Why Intense Workouts During New Coronavirus Pandemic Are Not the Best Bet

Consider how you can diffuse some of your workout time and intensity throughout the day. That might look like taking your regular hour-long workout and breaking it up into three 20-minute workouts spread throughout the day. Even though your total workout will be the same, spacing things out will allow for lower levels of total stress on your body.

Alternate days.

A simple, foundational way of balancing intensity and recovery is to use the high-low approach: If you do a high-intensity workout today, follow up with a lower-intensity day tomorrow, Tenney says. If you’re a runner, for instance, that may mean you do a tempo run one day and follow it up with a slow, easy recovery run the next.

If you strength train, you can also consider alternating muscle groups worked, especially if you work out more than three or four times per week. Common splits include going back and forth between upper- and lower-body days as well as cycling between push, pull, and lower-body days. Training the same muscle groups back-to-back doesn’t allow for adequate recovery.

If you’re into multiple types of workouts, it’s still important to vary intensity, even if you’re alternating between activities like online workout classes and cycling. So if you do a high-intensity circuit one day, the next day your cycling workout should be on the light side.

Focus on workouts you enjoy.

By spending your workout time engaged in activities that you find the most enjoyable, you’re automatically more likely to approach your workouts with a feel-good rather than a negate-comfort-foods mentality, Thomas says.

Unfortunately, though, with many of our gyms closed right now, a lot of us don’t have access to the equipment or space that we usually have for our workouts. It’s natural to feel some frustration, but try to focus on how you can get the greatest enjoyment out of what you do have available, she says. Do you prefer cardio? Strength? Plyometrics? Yoga? Circuits or long rest periods of rest between sets? Use that to guide your at-home workouts to get the greatest enjoyment.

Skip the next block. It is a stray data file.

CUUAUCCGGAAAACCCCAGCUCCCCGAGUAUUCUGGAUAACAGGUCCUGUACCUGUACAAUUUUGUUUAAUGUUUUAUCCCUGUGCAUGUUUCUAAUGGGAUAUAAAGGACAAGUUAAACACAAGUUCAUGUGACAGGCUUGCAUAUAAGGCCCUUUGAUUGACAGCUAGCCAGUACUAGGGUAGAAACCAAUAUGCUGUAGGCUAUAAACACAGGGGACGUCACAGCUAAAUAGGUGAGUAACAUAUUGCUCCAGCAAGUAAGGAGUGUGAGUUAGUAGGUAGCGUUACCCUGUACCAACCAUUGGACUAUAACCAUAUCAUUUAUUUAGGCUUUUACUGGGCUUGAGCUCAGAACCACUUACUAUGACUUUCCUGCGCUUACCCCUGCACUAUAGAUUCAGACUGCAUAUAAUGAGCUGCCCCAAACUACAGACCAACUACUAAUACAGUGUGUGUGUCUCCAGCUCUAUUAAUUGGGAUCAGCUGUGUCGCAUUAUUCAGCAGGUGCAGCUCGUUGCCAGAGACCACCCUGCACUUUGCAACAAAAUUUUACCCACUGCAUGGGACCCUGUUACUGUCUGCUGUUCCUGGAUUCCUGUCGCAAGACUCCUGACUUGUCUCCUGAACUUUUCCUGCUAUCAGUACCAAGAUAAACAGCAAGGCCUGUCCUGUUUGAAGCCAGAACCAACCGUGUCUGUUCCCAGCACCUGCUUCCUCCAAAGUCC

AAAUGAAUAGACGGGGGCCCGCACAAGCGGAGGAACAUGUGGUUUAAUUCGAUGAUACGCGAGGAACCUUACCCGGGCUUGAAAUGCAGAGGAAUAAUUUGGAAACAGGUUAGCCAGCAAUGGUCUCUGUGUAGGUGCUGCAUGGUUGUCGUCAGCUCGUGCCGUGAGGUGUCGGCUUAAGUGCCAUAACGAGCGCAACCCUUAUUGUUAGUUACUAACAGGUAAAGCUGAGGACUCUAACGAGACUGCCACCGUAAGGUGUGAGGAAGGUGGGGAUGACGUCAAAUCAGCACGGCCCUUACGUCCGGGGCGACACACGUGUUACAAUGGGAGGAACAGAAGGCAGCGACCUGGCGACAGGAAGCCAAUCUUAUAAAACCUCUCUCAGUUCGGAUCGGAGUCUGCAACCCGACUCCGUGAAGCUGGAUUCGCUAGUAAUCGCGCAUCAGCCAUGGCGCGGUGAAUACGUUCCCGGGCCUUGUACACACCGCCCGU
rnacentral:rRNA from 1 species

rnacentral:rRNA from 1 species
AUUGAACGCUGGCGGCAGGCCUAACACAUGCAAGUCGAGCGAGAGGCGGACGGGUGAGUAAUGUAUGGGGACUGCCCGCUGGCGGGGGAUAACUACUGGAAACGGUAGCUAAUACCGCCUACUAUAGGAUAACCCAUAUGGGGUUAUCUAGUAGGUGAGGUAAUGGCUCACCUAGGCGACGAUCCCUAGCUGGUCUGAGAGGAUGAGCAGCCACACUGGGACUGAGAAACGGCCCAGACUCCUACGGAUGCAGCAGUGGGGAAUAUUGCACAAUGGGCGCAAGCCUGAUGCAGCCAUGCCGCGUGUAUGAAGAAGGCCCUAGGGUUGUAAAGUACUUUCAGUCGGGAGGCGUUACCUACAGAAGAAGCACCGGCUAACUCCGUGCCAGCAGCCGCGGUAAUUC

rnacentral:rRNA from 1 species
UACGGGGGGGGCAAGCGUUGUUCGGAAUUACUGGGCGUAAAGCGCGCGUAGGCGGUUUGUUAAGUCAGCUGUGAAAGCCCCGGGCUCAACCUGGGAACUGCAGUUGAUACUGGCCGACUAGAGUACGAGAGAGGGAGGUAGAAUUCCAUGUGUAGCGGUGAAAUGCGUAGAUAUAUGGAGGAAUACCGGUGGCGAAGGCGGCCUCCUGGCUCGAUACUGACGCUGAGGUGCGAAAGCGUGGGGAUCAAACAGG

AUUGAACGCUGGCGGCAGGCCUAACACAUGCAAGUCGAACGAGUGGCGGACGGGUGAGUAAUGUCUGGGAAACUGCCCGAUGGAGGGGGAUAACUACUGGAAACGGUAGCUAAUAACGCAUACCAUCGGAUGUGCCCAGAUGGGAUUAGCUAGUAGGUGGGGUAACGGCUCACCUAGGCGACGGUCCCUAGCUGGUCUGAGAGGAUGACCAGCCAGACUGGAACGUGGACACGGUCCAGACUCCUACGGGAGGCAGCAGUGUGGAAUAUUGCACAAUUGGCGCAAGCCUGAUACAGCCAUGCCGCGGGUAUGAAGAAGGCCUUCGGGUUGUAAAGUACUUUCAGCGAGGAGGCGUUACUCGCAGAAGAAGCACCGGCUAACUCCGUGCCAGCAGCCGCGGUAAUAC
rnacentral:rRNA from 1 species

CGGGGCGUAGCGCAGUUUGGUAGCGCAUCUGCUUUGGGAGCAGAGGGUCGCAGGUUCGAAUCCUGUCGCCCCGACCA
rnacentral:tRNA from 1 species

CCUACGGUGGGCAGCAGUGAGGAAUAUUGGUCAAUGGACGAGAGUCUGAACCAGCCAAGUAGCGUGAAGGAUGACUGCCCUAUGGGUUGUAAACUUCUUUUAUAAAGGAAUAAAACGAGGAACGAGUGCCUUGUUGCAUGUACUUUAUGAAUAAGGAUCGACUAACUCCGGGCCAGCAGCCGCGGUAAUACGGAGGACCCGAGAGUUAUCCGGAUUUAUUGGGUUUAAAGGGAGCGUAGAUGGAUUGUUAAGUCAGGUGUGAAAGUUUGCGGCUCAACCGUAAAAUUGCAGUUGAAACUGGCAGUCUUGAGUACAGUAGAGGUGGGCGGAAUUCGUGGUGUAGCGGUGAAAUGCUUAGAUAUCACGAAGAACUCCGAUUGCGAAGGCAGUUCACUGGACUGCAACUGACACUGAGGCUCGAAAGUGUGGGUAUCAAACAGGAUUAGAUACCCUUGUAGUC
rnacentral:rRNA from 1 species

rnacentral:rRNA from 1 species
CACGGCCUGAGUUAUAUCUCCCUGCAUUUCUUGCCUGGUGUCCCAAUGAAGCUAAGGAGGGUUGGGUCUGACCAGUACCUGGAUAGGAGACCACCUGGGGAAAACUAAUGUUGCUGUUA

Adjust your expectations.

Intense, long, or otherwise challenging workouts can definitely have a place in your quarantine workout routine. But right now, your 100% is not going to be the same as it was a few months ago, Beitzel says. That may be because, yes, you’ve lost some strength or endurance. It could also just be because you’re stressed, not sleeping well, or struggling with your mental health.

Whatever the reason, it’s okay. If there’s ever been a time to practice self-compassion, this is it, Thomas says. When you notice your thoughts getting down on yourself, remind yourself that the ultimate goal in exercise is to take care of yourself, and that’s what you’re doing. The benefits you stand to gain from exercise are not dependent on your current fitness or ability levels.

Pay attention to malaise.

If you feel fatigue or malaise as you begin your workout, don’t ignore it. It’s fine to reevaluate how you feel after 10 minutes to see whether the feeling persists. You might experience a perk in energy and may want to keep going. If so, cool. If you still feel tired, weak, and like you want to curl back up on the couch, that’s a sign that today’s best spent on recovery, Thomas says.

Factor in straight recovery days.

Speaking of recovery, yes, even though we spend most of our nonworkout time right now sitting on our keisters, we still need to incorporate intentional recovery into our routines, Tenney says.

Dedicate at least one day per week into pure recovery activities such as foam rolling, performing gentle mobility exercises, doing some yoga flows, or simply stretching.

Focus on processes over outcomes.

Process goals are things like “Do X minutes of yoga in the morning” or “Do Y push-ups every day,” while outcome goals are things like “Lose Z pounds” or “Master a handstand.” The former are far more conducive to a balanced relationship with your workouts and their intensity, L. Kevin Chapman, Ph.D., a Kentucky psychologist and member of the Anxiety and Depression Association of America, tells SELF.

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